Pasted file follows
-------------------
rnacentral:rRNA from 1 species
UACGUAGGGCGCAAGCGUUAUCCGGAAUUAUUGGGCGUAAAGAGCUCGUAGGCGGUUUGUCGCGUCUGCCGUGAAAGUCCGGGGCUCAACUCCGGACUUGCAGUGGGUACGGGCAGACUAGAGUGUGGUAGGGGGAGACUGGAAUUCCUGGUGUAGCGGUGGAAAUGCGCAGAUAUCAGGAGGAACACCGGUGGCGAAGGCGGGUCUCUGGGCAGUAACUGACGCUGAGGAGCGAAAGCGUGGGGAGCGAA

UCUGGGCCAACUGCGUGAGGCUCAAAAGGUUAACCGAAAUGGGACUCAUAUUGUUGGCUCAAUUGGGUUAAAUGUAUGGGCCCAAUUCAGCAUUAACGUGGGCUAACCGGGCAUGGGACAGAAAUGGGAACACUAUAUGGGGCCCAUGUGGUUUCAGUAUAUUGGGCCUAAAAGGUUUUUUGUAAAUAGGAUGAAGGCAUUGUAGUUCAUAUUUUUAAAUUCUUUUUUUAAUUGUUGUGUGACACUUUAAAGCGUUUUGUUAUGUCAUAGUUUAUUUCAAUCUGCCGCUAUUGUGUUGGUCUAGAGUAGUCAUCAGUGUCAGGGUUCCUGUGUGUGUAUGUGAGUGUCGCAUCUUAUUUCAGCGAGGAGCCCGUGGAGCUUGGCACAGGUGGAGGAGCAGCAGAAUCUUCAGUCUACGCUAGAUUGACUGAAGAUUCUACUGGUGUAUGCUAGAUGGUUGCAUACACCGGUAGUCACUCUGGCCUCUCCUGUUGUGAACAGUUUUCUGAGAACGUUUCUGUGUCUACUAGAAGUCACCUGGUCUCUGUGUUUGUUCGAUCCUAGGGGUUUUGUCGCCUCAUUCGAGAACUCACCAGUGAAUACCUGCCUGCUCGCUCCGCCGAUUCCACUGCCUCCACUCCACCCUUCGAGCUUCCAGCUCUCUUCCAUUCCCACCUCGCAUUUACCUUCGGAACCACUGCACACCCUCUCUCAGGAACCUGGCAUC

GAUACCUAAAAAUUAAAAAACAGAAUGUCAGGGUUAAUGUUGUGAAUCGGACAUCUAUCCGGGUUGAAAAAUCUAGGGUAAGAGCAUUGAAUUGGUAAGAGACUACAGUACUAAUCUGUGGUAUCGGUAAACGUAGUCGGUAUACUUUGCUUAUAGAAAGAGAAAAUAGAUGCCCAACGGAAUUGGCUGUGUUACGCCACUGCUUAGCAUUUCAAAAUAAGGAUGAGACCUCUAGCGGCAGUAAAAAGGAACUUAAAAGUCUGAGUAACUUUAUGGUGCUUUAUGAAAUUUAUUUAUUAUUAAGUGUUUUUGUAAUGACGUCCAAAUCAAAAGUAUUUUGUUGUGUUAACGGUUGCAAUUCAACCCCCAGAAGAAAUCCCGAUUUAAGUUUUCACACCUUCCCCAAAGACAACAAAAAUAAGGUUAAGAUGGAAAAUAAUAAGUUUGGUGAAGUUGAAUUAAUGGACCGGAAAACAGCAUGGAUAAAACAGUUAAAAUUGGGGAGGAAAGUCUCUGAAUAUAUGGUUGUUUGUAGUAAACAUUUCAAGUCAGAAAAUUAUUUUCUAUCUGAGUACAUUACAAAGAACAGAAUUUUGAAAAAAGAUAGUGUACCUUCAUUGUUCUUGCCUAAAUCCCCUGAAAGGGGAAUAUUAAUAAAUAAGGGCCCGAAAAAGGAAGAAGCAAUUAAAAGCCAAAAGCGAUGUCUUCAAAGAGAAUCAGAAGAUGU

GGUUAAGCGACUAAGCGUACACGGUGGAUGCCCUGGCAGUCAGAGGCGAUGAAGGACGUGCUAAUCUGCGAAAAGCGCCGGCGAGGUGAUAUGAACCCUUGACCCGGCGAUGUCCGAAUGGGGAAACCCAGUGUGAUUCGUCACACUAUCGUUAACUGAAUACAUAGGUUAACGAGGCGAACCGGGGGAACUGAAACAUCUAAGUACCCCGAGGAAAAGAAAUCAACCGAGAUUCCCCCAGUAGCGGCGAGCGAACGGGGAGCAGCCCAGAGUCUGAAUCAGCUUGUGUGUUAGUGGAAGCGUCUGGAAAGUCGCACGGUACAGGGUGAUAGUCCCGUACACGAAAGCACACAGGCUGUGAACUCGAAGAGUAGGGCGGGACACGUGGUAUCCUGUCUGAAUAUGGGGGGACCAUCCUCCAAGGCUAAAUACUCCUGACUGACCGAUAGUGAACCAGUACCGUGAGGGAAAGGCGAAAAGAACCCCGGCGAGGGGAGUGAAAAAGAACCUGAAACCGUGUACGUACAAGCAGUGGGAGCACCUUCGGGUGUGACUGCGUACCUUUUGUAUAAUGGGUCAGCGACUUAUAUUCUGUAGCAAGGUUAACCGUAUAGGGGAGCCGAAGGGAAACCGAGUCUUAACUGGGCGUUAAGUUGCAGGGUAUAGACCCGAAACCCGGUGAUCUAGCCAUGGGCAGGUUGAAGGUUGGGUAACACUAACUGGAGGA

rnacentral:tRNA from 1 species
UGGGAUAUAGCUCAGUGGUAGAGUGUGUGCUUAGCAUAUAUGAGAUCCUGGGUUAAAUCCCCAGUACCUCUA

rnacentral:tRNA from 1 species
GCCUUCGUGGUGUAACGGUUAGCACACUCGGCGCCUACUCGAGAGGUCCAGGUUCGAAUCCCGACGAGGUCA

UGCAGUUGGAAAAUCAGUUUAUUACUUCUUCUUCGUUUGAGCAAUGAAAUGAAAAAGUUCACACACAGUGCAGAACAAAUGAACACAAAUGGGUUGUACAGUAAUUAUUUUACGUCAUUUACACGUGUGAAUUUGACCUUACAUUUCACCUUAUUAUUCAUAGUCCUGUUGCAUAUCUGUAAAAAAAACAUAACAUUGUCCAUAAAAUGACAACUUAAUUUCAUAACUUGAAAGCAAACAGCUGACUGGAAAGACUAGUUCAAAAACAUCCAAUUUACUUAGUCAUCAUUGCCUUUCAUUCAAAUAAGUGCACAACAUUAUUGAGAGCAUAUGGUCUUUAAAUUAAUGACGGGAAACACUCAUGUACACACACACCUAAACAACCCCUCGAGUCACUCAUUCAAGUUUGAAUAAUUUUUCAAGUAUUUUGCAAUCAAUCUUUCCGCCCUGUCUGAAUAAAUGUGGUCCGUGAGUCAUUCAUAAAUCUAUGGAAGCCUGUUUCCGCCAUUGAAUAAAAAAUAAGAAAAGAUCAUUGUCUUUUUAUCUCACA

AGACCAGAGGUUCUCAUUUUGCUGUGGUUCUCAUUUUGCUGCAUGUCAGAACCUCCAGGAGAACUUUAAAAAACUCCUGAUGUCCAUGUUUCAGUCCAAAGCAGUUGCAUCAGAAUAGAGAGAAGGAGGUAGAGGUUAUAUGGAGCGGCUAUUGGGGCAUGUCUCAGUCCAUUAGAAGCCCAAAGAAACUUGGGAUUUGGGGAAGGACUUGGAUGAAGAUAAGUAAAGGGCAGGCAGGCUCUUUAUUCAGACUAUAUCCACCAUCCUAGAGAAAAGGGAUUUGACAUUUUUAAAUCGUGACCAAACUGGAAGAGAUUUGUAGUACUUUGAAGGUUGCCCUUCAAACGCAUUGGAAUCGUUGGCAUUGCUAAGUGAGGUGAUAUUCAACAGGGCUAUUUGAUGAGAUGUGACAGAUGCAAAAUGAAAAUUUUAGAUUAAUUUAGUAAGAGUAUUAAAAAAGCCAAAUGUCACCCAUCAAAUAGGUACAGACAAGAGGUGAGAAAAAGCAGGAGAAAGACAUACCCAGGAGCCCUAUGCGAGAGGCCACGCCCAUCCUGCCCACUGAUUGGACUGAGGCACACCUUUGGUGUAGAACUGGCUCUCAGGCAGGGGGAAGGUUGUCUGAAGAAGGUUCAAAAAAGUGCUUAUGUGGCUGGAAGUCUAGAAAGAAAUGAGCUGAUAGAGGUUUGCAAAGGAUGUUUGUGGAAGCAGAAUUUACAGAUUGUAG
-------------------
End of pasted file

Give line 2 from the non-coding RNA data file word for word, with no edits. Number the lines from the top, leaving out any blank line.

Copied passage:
UACGUAGGGCGCAAGCGUUAUCCGGAAUUAUUGGGCGUAAAGAGCUCGUAGGCGGUUUGUCGCGUCUGCCGUGAAAGUCCGGGGCUCAACUCCGGACUUGCAGUGGGUACGGGCAGACUAGAGUGUGGUAGGGGGAGACUGGAAUUCCUGGUGUAGCGGUGGAAAUGCGCAGAUAUCAGGAGGAACACCGGUGGCGAAGGCGGGUCUCUGGGCAGUAACUGACGCUGAGGAGCGAAAGCGUGGGGAGCGAA